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Pete Upperco - One Man, Four Great Coaches

Pete Upperco - One Man, Four Great Coaches
by John Yonko

Pete Upperco - One Man, Four Great Coaches

By John Yonko

Originally published by State of the U dot com under the title "Underpinnings of the U" (Jul 31, 2016)

Link: https://www.stateoftheu.com/2016/7/31/12335438/underpinnings-of-the-u-1975?_ga=2.144960829.800131019.1502383970-522445078.1415497390

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ARTICLE:

"Back in the day" stories abound – this one is UM Football Canes related – and it only cost me a couple of dozen hand picked two pound mangoes – personally delivered to a guy named Peter Upperco, one of my neighbors from two houses up the street.

Pete is a former UM football player from back in the day when the foundation was being formed for the great Miami teams and championships to come.

Peter Upperco today - a big dude, still blonde, young, happy and a Cane

Pete played with guys named Jim Kelly, Don Smith, Mark Richt , Gary Dunn, and of course, many others who were coached by guys named Soldinger, Shannon, Kehoe and again, many others.

But the underpinnings of the foundation I mentioned were laid by some of those other guys and other coaches.

First, there was another guy named Pete – Pete Elliot – who recruited Pete Upperco to play outside linebacker / defensive end. "He was a very collegiate type", said Upperco of Elliot. "He had been head coach of Nebraska, Cal Berkeley and Illinois. He was the All-American undefeated quarterback of a Michigan national championship team; he won 12 varsity letters at Michigan; and he was MVP of their basketball team. He impressed me a lot."

Elliot impressed a lot of other guys to come to Miami, as well. The 1975 University of Miami Freshman football team of which Upperco was a member had over 50 players, one of which was running back Ken Johnson who was drafted by the New York Giants and later played for the Dolphins.

Another running back who joined the team in ’75 was Ottis Anderson, first drafted by the St. Louis Cardinals in 1978, then traded to the Giants. Ottis played in the League for 14 years, winning the MVP award in Super Bowl XXV in 1991.

But after only 3 days of the 1975 season, Elliot unexpectedly resigned in order to work full time as the Athletic Director and turned the reigns of the Miami program over to Offensive Coordinator Carl Selmer who defeated Florida State 47 – 0 in his first game as head coach of the Canes. Then, he almost knocked off eventual national champion Oklahoma, losing 20 – 17, and they also lost to Cotton Bowl bound Houston 21 – 16, throwing four interceptions near the Houston goal line. Selmer was fired just before the game.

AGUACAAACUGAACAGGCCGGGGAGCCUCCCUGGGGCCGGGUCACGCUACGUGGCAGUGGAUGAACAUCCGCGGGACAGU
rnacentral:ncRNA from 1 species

"Coach Selmer was the one who started recruiting for speed", said Upperco, and speed changed everything for Miami football. Eventually, Miami speed changed college football as well.

Next came Lou Saban, Upperco’s 3rd coach at the U. "Coach Lou had two requirements: you either had to be very fast or you had to be a great football player. Coach Lou didn’t renew scholarships for between 20 and 40 players – if they weren’t fast or great, they were gone. It was kinda sad – a lot of them were my friends – but it was necessary", remembered Upperco.

"Then came Coach Schnellenberger, my 4th coach. He brought in the great assistants, and the rest is history."

No national championship rings?

"No, no rings, but we played Notre Dame in the Mirage Bowl in Tokyo in 1979. We lost to Notre Dame, but we beat Penn State in Happy Valley in Jim Kelly’s first start as a Hurricane, 26 – 10. Wow, that was something!"

How many guys got to claim all four coaches as theirs?

"Seven all together, including me. I still remember their names: Herbie Jackson; Gene Coleman; Ken Johnson; Rich Russell; Mike Crapp; and Barry Gonzalez. Ottis Anderson was the only guy who played varsity as a Freshman, so he graduated before Coach Schnellenberger came in; otherwise, he would have made it eight".

Any great stories?

"…well, I was Jim Kelly’s roommate for a year… and I played in a North South All Star game..."

"..and Gary Dunn was a senior when I was a freshman – he’s got two Super Bowl rings – maybe three - with the Pittsburgh Steelers. Did you know his grandfather (Dr. Bowman F. Ashe) was the founding president of the U?"

Pete is 84, top row; Ken Johnson is 15, middle row; Ottis Anderson is 20, middle row

 

 

 

 

 


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